Swaying at the top: regulators and competitors take on tech giants

We’re seeing a rise in antitrust lawsuits filed against the likes of Google and Apple, as many begin to question the oligopoly currently enjoyed by America’s tech giants

Key Takeaway

Facebook, Amazon, Netflix and Google have enjoyed a significant stretch as tech leaders. But is the tide beginning to turn on their reign at the top? From Facebook’s ongoing legal woes, to a new battle waged on Apple by Spotify on behalf of rising innovators, to OpenAI who is looking to democratize AI innovation in an effort to compete with the likes of Google and IBM, tech giants are starting to feel the pressure knocking.


Today’s tech market remains dominated by a handful of top players. Almost half of all e-commerce occurs on Amazon. More than 70% of all Internet traffic goes through sites owned or operated by Google or Facebook.

But America’s tech giants are beginning to feel pressure to shake up their place as market leaders. From new advancements in AI regulation, to a rise in antitrust complaints, to startups and competitors infringing on the market, the long-standing tech towers may be starting to sway.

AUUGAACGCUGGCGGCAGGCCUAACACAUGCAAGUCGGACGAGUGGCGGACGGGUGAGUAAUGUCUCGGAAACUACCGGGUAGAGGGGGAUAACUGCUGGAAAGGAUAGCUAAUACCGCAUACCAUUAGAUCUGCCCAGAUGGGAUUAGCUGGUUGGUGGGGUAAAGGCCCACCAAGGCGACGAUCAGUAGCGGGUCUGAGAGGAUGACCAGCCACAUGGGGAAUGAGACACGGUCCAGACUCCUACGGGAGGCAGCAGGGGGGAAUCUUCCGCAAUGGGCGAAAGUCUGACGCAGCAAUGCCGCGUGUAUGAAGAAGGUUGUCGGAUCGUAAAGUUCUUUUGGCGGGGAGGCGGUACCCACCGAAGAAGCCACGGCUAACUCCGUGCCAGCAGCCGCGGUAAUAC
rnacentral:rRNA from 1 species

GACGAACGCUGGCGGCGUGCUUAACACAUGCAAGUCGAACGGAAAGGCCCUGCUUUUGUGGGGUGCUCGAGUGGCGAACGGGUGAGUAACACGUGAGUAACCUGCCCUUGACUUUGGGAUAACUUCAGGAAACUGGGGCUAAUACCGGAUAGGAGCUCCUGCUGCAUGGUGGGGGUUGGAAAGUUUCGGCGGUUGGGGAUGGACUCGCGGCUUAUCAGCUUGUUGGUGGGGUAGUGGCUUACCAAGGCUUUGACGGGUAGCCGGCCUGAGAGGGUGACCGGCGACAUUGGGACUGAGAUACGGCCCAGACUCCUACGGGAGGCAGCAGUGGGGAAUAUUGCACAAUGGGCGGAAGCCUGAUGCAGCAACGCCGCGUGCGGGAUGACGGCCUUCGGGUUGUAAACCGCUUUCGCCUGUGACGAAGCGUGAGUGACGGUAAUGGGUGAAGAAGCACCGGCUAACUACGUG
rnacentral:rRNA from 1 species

Google faces yet another lawsuit in the EU, while Elizabeth Warren calls for the breakup of these oligopolies. Meanwhile, Facebook continues to face legal and internal woes in its move toward private messaging, in the face of ongoing scandals. These very public struggles are potentially leaving room for new competitors to step up.

A wave of interest in antitrust laws from global authorities

Google is currently facing legal troubles in the EU, with fines over $1.7 billion in its latest antitrust battle, which calls out a practice of potentially leveraging its search dominance to limit display of competitor ads on some websites. The Wall Street Journal reports “Wednesday’s decision, which is smaller than the total of €6.76 billion ($7.67 billion) levied against Google in two previous decisions, is the last among formal charges the EU’s antitrust regulator has so far filed against the tech giant.”

These charges have started piling up as the EU moves to better enforce existing antitrust laws. Many feel, however, that the current playbook may still not enough to keep companies like Google in line, encouraging policymakers to consider revisions in order to better address.

Source: The Wall Street Journal

Meanwhile, Elizabeth Warren, who recently announced her bid as Democratic Presidential candidate, is working to put measures in place that would break up some of the big tech firms in the US – including Amazon, Alphabet and Facebook.